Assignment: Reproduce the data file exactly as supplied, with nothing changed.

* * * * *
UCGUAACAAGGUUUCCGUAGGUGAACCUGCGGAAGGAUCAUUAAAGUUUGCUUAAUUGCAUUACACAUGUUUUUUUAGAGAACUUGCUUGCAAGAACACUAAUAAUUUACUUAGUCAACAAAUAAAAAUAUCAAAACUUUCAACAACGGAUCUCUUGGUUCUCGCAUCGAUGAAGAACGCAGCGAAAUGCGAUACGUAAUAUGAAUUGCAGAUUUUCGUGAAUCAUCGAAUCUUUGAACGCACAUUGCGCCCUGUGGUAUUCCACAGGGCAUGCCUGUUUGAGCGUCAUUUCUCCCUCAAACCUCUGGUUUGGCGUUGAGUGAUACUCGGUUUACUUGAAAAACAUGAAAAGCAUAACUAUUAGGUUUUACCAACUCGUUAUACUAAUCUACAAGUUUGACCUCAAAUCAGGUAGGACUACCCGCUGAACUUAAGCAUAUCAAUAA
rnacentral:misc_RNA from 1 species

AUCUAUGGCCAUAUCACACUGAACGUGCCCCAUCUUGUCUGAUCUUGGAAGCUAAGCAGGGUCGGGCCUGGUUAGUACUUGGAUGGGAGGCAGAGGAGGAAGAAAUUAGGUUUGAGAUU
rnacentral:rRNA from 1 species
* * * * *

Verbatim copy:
UCGUAACAAGGUUUCCGUAGGUGAACCUGCGGAAGGAUCAUUAAAGUUUGCUUAAUUGCAUUACACAUGUUUUUUUAGAGAACUUGCUUGCAAGAACACUAAUAAUUUACUUAGUCAACAAAUAAAAAUAUCAAAACUUUCAACAACGGAUCUCUUGGUUCUCGCAUCGAUGAAGAACGCAGCGAAAUGCGAUACGUAAUAUGAAUUGCAGAUUUUCGUGAAUCAUCGAAUCUUUGAACGCACAUUGCGCCCUGUGGUAUUCCACAGGGCAUGCCUGUUUGAGCGUCAUUUCUCCCUCAAACCUCUGGUUUGGCGUUGAGUGAUACUCGGUUUACUUGAAAAACAUGAAAAGCAUAACUAUUAGGUUUUACCAACUCGUUAUACUAAUCUACAAGUUUGACCUCAAAUCAGGUAGGACUACCCGCUGAACUUAAGCAUAUCAAUAA
rnacentral:misc_RNA from 1 species

AUCUAUGGCCAUAUCACACUGAACGUGCCCCAUCUUGUCUGAUCUUGGAAGCUAAGCAGGGUCGGGCCUGGUUAGUACUUGGAUGGGAGGCAGAGGAGGAAGAAAUUAGGUUUGAGAUU
rnacentral:rRNA from 1 species